During this period population census were carried out ‘However, the accuracy of such statistics varies greatly, as the surveys often neglected different demographics like members of the samurai household, children, and others’. [1] A number of scholars have used various methods based on the census and other data to provide estimates that more accurately reflect the actual population. 22,000,000: 1600CE; 25,000,000: 1650CE; 29,000,000: 1700CE; 29,000,000: 1750CE; 28,000,000: 1800CE; 32,000,000: 1850; Population estimate by McEvedy and Jones based on census data chosen to code as it provides figures for the duration of the polity. [2] 26,065,425: 1721CE; 26,921,816: 1732CE; 26,153,450: 1744CE; 26,061,830: 1756CE; 26,010,600: 1780CE; 24,891,441: 1792CE; 25,517,729: 1804CE; 27,201,400: 1828CE; 27,063,907: 1834; 26,907,625: 1846; Based on census data summarized by (Totman 1993). [3] 15,000,000-17,000,000: 1600CE population estimate by Farris [4] .

[1]: Deal, William E. 2005. Handbook to Life in Medieval and Early Modern Japan. Oxford University Press.p.63.

[2]: McEvedy, C and Jones, R. 1978. Atlas of World Population History. Penguin Books. London.p.181

[3]: Totman, Conrad. 1993. Early Modern Japan. University of California Press. Berkeley; London.p.251.

[4]: Farris, William Wayne. 2006. Japan’s Medieval Population: Famine, Fertility, and Warfare in a Transformative Age. University of Hawaii Press.p.212.

Polity Population:
29,000,000 people
1700 CE

During this period population census were carried out ‘However, the accuracy of such statistics varies greatly, as the surveys often neglected different demographics like members of the samurai household, children, and others’. [1] A number of scholars have used various methods based on the census and other data to provide estimates that more accurately reflect the actual population. 22,000,000: 1600CE; 25,000,000: 1650CE; 29,000,000: 1700CE; 29,000,000: 1750CE; 28,000,000: 1800CE; 32,000,000: 1850; Population estimate by McEvedy and Jones based on census data chosen to code as it provides figures for the duration of the polity. [2] 26,065,425: 1721CE; 26,921,816: 1732CE; 26,153,450: 1744CE; 26,061,830: 1756CE; 26,010,600: 1780CE; 24,891,441: 1792CE; 25,517,729: 1804CE; 27,201,400: 1828CE; 27,063,907: 1834; 26,907,625: 1846; Based on census data summarized by (Totman 1993). [3] 15,000,000-17,000,000: 1600CE population estimate by Farris [4] .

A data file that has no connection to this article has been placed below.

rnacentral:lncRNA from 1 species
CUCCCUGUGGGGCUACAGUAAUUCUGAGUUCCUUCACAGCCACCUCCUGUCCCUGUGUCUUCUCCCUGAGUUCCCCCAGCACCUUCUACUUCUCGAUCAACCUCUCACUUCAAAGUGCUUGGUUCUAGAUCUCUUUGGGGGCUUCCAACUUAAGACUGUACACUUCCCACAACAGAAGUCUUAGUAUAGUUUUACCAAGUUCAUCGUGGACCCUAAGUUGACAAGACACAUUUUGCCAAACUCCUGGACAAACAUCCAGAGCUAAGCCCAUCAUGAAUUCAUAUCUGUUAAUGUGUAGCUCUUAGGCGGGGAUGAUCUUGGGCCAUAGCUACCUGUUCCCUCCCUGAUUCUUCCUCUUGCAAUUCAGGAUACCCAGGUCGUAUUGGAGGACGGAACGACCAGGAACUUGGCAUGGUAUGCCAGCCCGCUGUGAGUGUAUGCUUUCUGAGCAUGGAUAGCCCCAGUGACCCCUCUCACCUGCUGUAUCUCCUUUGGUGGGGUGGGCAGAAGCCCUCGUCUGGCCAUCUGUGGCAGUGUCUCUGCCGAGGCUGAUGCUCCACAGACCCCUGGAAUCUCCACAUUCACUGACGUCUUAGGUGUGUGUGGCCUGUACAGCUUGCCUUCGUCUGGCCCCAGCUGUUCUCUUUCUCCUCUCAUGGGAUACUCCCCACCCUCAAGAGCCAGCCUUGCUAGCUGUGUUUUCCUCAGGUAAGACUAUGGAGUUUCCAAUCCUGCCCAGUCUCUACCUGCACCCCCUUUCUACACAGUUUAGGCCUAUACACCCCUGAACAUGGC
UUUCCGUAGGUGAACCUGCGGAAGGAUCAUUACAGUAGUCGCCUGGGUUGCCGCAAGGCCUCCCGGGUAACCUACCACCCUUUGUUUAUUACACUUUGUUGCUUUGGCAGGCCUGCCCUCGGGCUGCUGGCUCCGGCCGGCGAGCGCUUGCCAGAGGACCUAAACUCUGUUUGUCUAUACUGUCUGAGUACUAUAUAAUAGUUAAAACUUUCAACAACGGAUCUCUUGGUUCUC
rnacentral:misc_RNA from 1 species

[1]: Deal, William E. 2005. Handbook to Life in Medieval and Early Modern Japan. Oxford University Press.p.63.

[2]: McEvedy, C and Jones, R. 1978. Atlas of World Population History. Penguin Books. London.p.181

[3]: Totman, Conrad. 1993. Early Modern Japan. University of California Press. Berkeley; London.p.251.

[4]: Farris, William Wayne. 2006. Japan’s Medieval Population: Famine, Fertility, and Warfare in a Transformative Age. University of Hawaii Press.p.212.

Polity Population:
29,000,000 people
1750 CE

During this period population census were carried out ‘However, the accuracy of such statistics varies greatly, as the surveys often neglected different demographics like members of the samurai household, children, and others’. [1] A number of scholars have used various methods based on the census and other data to provide estimates that more accurately reflect the actual population. 22,000,000: 1600CE; 25,000,000: 1650CE; 29,000,000: 1700CE; 29,000,000: 1750CE; 28,000,000: 1800CE; 32,000,000: 1850; Population estimate by McEvedy and Jones based on census data chosen to code as it provides figures for the duration of the polity. [2] 26,065,425: 1721CE; 26,921,816: 1732CE; 26,153,450: 1744CE; 26,061,830: 1756CE; 26,010,600: 1780CE; 24,891,441: 1792CE; 25,517,729: 1804CE; 27,201,400: 1828CE; 27,063,907: 1834; 26,907,625: 1846; Based on census data summarized by (Totman 1993). [3] 15,000,000-17,000,000: 1600CE population estimate by Farris [4] .